Stalking the Wild Mushroom – A Personal Journey

by Richard D. Moll

 

Mushrooming, or picking wild mushrooms for the table, is a cultural phenomenon.  To collect or not collect is embedded deep in the psyche of a nation or people. An edible mushroom called the black trumpet, depending on local lore, may be called either the trumpet of death or the horn of plenty.  In many Eastern European countries, mushrooming is a national pastime.  It is said that the Polish labor leader, Lech Walesa learned he had won the Nobel Peace Prize in 1983 while listening to a portable radio when he was out picking mushrooms with friends.

In most of the US, wild mushrooms are simply called toadstools. Toadstools of course are considered poisonous, hence our taboo against picking and eating wild mushrooms. The beautiful but poisonous fly agaric, Amanita muscaria, is one of them. Ironically, it is probably one of the best-known mushrooms in the world, appearing in paintings and drawings, especially in children’s books. Its spectacular bright red cap is adorned with irregular fluffy white spots which are the remnants of a part of the mushroom called the universal veil. In the wild it can be found under a variety of trees including pine, spruce and oak. It is immediately recognizable on the forest floor springing out of the brown duff of pine needles or oak leaves. If one stops to look, one can see that underneath the cap are beautiful pure white gills. The cap is supported by a long white stem. There is a ring or skirt about a quarter way down the stem which becomes swollen or bulbous at the base. It is a striking looking mushroom.

Picking wild mushrooms for the table in the US is left to immigrants, some descendants of immigrants, and hobbyists.  My story-telling mother’s mother was Irish. She picked mushrooms for the table in the county park near her home during the Depression years. My mother would love to tell me and my sisters stories of her mother, with children in tow, foraging for mushrooms, and returning with an apron or a basket full of them.  My grandmother Maggie called the white mushroom she picked for the table pinkies because the gills on the underside of these white mushrooms had a distinctly bright pink color when young. My mother was very specific that her mother only picked pinkies. My grandmother would occasionally see other immigrant groups in the park picking mushrooms other than pinkies and wondered aloud if they would be alive in the morning. These stories intrigued me, and as I grew older I grew more and more convinced I should follow in my grandmother’s footsteps.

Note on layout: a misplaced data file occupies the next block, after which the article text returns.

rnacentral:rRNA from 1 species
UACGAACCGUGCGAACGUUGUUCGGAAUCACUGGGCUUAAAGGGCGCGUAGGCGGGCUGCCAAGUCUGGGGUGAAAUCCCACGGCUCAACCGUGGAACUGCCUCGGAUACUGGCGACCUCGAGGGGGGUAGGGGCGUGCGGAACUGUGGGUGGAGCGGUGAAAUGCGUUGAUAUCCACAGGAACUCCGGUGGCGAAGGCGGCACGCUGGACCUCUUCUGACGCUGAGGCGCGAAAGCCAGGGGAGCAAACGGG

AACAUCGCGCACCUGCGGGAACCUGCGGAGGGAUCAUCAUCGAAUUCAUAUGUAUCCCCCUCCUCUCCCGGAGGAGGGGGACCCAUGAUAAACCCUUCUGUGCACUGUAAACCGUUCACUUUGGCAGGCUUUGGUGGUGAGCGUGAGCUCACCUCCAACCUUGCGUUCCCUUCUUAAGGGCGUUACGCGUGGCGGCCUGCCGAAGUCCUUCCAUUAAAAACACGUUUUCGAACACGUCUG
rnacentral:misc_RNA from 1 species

By the time I was ready to pursue the dream of picking the pink bottom mushroom, my grandmother had long passed.  Neither my mother nor any of my aunts or uncles followed in my grandmother’s footsteps, so I was on my own. The thought of trying to teach myself to identify edible wild mushrooms never occurred to me. The taboo was too strong. I signed up for a class at the local museum called Collecting and Identifying Wild Mushrooms.  One of the first things I learned was that in our local area, there were edible mushrooms and poisonous lookalikes. I was immediately cautioned that this was not a pastime to be taken lightly.  I began learning about wild mushrooms in earnest. After a year of classroom and one-on- one coaching and training from my mushroom teacher, Dr. Leo Tanghe, I finally mustered up the courage to pick and eat pinkies. It was no small achievement to reach back and find and eat the same mushroom my grandmother had collected and eaten so many years ago. In my minds eye I could see a young Maggie, smiling at me as I returned from that same park with a basket full of pinkies.

Although we take for granted that safe, edible mushrooms are available year-round from the supermarket, this was not always the case. In the Western world, before 1650, only wild mushrooms were available in the market, and only when they were in season.  The best references are that around 1650, the French perfected the cultivation of wild mushrooms. The mushroom they cultivated was none other than a very close relative of the mushroom my grandmother picked, Agaricus campestris. The method of cultivating this mushroom was a closely guarded secret. It was not until 1731 that the French method of cultivation was transferred to England. It was not until 1865 that the spawn to culture mushrooms was transferred from England to the USA.

Collecting and eating the white button mushroom my grandmother gathered was fun, but the scientist in me wanted more. To further my knowledge of mycology, that is the study of fungi or mushrooms, I joined the local mushroom club. Mushroom clubs can be found in many cities and towns across the US. Clubs typically hold educational meetings during the winter and host field trips during the spring, summer and fall months. Trips to locations to look for mushrooms are called forays. Forays can be held be held anywhere from a city park like Central Park in New York City to a National Park in Oregon. With the support of club members, formal classes and forays with experienced mushroom guides, my repertoire of easily identifiable edible and poisonous mushrooms grew.